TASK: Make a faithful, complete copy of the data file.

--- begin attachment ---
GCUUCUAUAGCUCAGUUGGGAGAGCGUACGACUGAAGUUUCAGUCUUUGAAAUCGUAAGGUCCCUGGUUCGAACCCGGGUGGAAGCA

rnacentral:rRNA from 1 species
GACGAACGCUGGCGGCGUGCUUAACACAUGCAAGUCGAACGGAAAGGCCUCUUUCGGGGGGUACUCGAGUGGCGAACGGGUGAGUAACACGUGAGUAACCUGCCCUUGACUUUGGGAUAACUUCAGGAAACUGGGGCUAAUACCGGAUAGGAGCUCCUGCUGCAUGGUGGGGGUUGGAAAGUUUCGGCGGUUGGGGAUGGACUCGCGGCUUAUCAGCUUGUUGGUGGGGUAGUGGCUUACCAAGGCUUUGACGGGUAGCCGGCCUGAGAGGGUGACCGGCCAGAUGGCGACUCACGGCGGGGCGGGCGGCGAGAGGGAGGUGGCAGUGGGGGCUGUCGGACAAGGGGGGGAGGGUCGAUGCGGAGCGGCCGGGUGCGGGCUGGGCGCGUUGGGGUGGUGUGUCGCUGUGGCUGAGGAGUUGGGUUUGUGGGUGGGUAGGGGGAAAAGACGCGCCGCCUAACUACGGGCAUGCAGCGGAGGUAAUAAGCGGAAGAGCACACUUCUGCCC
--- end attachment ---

GCUUCUAUAGCUCAGUUGGGAGAGCGUACGACUGAAGUUUCAGUCUUUGAAAUCGUAAGGUCCCUGGUUCGAACCCGGGUGGAAGCA

rnacentral:rRNA from 1 species
GACGAACGCUGGCGGCGUGCUUAACACAUGCAAGUCGAACGGAAAGGCCUCUUUCGGGGGGUACUCGAGUGGCGAACGGGUGAGUAACACGUGAGUAACCUGCCCUUGACUUUGGGAUAACUUCAGGAAACUGGGGCUAAUACCGGAUAGGAGCUCCUGCUGCAUGGUGGGGGUUGGAAAGUUUCGGCGGUUGGGGAUGGACUCGCGGCUUAUCAGCUUGUUGGUGGGGUAGUGGCUUACCAAGGCUUUGACGGGUAGCCGGCCUGAGAGGGUGACCGGCCAGAUGGCGACUCACGGCGGGGCGGGCGGCGAGAGGGAGGUGGCAGUGGGGGCUGUCGGACAAGGGGGGGAGGGUCGAUGCGGAGCGGCCGGGUGCGGGCUGGGCGCGUUGGGGUGGUGUGUCGCUGUGGCUGAGGAGUUGGGUUUGUGGGUGGGUAGGGGGAAAAGACGCGCCGCCUAACUACGGGCAUGCAGCGGAGGUAAUAAGCGGAAGAGCACACUUCUGCCC